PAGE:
Ah, the 90s. The clothes were loud, the rom-coms cheesy (but also the best). Oh, and the internet? Insanely slow. Pages loaded line by line — or, worse, pixel by pixel. It was hard to do more than check your email (AOL, of course) or a quick search on Alta Vista or Ask Jeeves.
Today’s internet has proliferated in part thanks to its speed, which is about 100 times faster than it was in the late 90s. Some elements of the internet will get faster still, especially as more people around the world use their phones to access it.
Enter Accelerated Mobile Pages (AMP). Tech giant and internet overlord Google has been using it for a while. But now the company is saying they want a lot more of the internet to be using them.
“Do I want the internet to turn into a giant AMP-hill?” you may ask yourself. Here’s everything you need to know in order to understand why Google’s plan is actually a pretty big deal.
Your friend sends you an article via text. It seems interesting. You try to click it. Instead of reading the article in what seems to be a reasonable amount of time, you’re still staring at the loading screen. That’s because the site your friend has directed you to is cluttered with ads and optimized only for desktop. And you’re on your phone. Sigh.
AMP is designed to change that. It’s an open-source website-publishing technology that site-owners can use without losing the value of having ads on their site. Google spearheads the development of the open-source library.
With AMP, web pages load faster and appear portable — the way you might have experienced when reading articles from Facebook or Apple News via your phone. AMP provides that lickety-split service for all the sites you’d access via your mobile browser. Some sites use this, but certainly not all.
Google wants to see AMP everywhere. According to a recent blog post, the company wants to convince the group that handles the internet’s web standards to adopt a technology that takes cues from the AMP framework. “We now feel ready to take the next step and work to support more instant-loading content not based on AMP technology in areas of Google Search designed for this,” Malte Ubl, tech lead for the AMP Project at Google, wrote in the post.
“This content will need to follow a set of future web standards and meet a set of objective performance and user experience criteria to be eligible,” the post continued, listing a number of “lessons learned” from Google’s AMP experience.
That sounds like a wonderful idea. Who wouldn’t want their internet to work faster, especially on the go?
But it’s Google we’re talking about here. As The Verge described, instead of working as “a steward of the web,” Google has become its “nefarious puppet master.” That is, some believe Google is pushing the proliferation of the internet in ways that enrich the company, but don’t necessarily make people’s lives better, all under a facade of altruism. Not cool.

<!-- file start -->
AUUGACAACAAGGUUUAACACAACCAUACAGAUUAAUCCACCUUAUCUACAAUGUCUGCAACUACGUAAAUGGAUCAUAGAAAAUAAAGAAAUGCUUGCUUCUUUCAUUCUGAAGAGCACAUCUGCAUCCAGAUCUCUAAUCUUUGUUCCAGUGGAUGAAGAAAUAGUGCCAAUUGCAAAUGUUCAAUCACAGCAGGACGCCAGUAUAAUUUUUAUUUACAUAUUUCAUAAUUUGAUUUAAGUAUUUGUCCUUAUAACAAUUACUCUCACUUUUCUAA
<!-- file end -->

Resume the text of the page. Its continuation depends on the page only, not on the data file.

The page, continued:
Indeed, some web developers and publishers enthusiastic about an AMP-filled future internet are worried about what might happen if Google takes the lead. One group wrote an open letter that criticized Google AMP as a way to keep users “within Google’s domain and divert traffic away from other websites for the benefit of Google.” They added: “At a scale of billions of users, this has the effect of further reinforcing Google’s dominance of the Web.”
In short, opponents feel Google is strong-arming sites to support a format that might just become another way to keep the internet under Google’s control. And the fact that it’s open-source doesn’t meant it’s impartial.
Of course, Google finds this to be unfair. “This is honestly a fairly altruistic project from our perspective,” David Besbris, Google’s VP of search engineering, told The Verge. ”It wasn’t like we invented AMP because we wanted to control everything, like people assume.”
Well Google said it, so we should take their word for it, right? It is, of course, not that easy. Google has so many proprietary assets controlling how people make content and put it online — it’s not exactly at the cutting-edge of the so-called Open Web. Furthermore, as Ars Technica pointed out, critics of Google’s AMP project believe it’s possible to deliver the same fast content simply by “not doing things that are slow.”
Google will likely continue to invest in AMP, and get others to do the same. We’ll see if their opponents become even more vocal, or whether surfing the web via mobile continues to feel like a 90s throwback.